Even though the 3D DNA Animation in PowerPoint video tutorial is 15 minutes long but I will try to cover everything in short in this blog post.
The first thing is that you might need to have Windows 10 and Office 365 on your system if you want to draw your own Custom 3D Objects in Paint 3D and later want to animate them in PowerPoint. Paint 3D is available with Windows 10 and 3D objects are available only in PowerPoint 365, 2021, 2019, and 2016. You can read more about How To Use 3D Objects in PowerPoint in this article.
So, before you begin, you can first go to the Insert tab and see if the 3D Models drop-down menu is available there as shown in Figure 1.1:
You can also check the PowerPoint version installed on your system by clicking the File menu and then choosing Account.
The Stock 3D Models option under Insert 3D Models gives you access to an Online 3D Models library from where you can choose various pre-animated and still 3D Models. Do remember that you cannot customize the 3D Model itself in PowerPoint and you cannot also customize the pre-defined animation effects applied to them. You can freely rotate them, can choose a pre-defined scene, or can also apply pre-defined 3D animation effects.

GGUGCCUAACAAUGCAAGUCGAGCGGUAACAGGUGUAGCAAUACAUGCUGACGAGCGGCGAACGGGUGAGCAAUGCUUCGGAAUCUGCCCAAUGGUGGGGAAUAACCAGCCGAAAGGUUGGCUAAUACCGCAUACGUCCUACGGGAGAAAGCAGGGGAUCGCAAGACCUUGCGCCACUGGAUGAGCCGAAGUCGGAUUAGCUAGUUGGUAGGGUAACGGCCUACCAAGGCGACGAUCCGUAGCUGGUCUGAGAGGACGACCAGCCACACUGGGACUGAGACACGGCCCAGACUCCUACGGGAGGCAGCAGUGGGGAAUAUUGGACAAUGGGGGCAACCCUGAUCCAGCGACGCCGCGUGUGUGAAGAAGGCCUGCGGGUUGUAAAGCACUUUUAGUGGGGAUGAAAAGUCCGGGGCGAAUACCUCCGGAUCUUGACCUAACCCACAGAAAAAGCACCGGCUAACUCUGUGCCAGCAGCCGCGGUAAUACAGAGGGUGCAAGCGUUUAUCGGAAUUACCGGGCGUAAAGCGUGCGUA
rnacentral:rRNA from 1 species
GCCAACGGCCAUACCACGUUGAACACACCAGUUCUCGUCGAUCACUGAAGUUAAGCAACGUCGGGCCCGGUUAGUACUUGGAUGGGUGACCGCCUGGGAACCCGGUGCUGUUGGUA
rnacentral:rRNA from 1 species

For instance, the following 3D Dinosaur object is having 5 different scenes and you can also apply 5 different 3D Animation effects from the Add Animation drop-down menu of the Animations tab as shown in Figure 1.4 and Figure 1.5. You can also read our article How To Make A 3D Dinosaur Animation to learn more about how to use 3D Models in PowerPoint.
We used Paint 3D to create our own Custom Single DNA String and saved the file as a 3D Model in .glb file format. You can also download the Single DNA String Paint 3D File from the link below and can open that file in Paint 3D to investigate that how we have drawn the string.
In Figure 1.6, you can see the Single DNA String 3D Model View in both 3D Viewer and Paint 3D. We used Paint 3D tools to create a single DNA string and then later in PowerPoint, we can create as many duplicates as we need.
So, once you have the custom 3D Model ready to be inserted into the PowerPoint slide then you can use the This Device option from the 3D Models drop-down menu of the Insert tab. Then browse for the location where you saved or download the Single DNA Strip 3D Model file.